Postdoc fellowship- soil microbial ecology
Sylvie Quideau, Ed Bork, and Cameron Carlyle at the University of Alberta are seeking a motivated postdoc to join a collaborative project investigating soil microbial response to disturbance in mixedgrass prairies. Candidates must have a Ph.D. in soil microbiology, biogeochemistry, or microbial ecology. Experience with molecular approaches to characterize community composition and function is required. Strong verbal, written, and computational skills are essential. The project is funded by an NSERC-CRD grant. The successful candidate will be provided with an annual fellowship of CAD 45,000. The position can start immediately and no later than August 2016. The initial appointment period will be for one year with the potential of renewal for an additional year. Interested candidates should e-mail their transcript, a detailed curriculum vitae, a cover letter that summarizes their qualifications and research goals, and the names and contact information of three references to Dr. Sylvie Quideau at email@example.com. Only successful candidates will be contacted.
Postdoc in Stream Microbial Ecology at Loyola University Chicago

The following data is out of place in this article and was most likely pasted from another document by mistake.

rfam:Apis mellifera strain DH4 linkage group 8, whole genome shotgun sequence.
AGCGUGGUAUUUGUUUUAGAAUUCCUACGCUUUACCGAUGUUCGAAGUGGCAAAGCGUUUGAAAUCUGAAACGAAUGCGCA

Job Title: Postdoc in Stream Microbial Ecology Background: Loyola University Chicago (LUC), College of Arts and Sciences, Department of Biology invites applications for a full-time postdoc, with expertise in the area of stream microbial ecology. The position is for one year with the possibility of renewal for a second year based on performance. For more information about the department visit http://www.luc.edu/biology. Duties and Responsibilities: The postdoc will work with Dr. John Kelly and Dr. Timothy Hoellein on a funded research project that will seek to quantify and identify sources, sinks, and biological interactions of microplastic particles in the eight major tributaries of Lake Michigan. Applicants must have a Ph.D. in biology, ecology, microbiology, or a related field, experience with stream ecology fieldwork, and a valid U.S. driver’s license. Applicants should apply on-line at http://www.careers.luc.edu and submit a letter of intent, a current Curriculum Vitae, and a brief statement describing their research interests and experience. They also should provide the names and email addresses of three individuals prepared to speak to their professional qualifications for this position. Referees will not be solicited immediately but might be at subsequent points in the review process. For further information, please contact Dr. Kelly (firstname.lastname@example.org). The position is available immediately and will remain open until filled. To learn more about LUC’s mission, candidates should consult our website at http://www.luc.edu/mission/. For information about the university’s focus on transformative education, they should consult our website at http://www.luc.edu/transformativeed.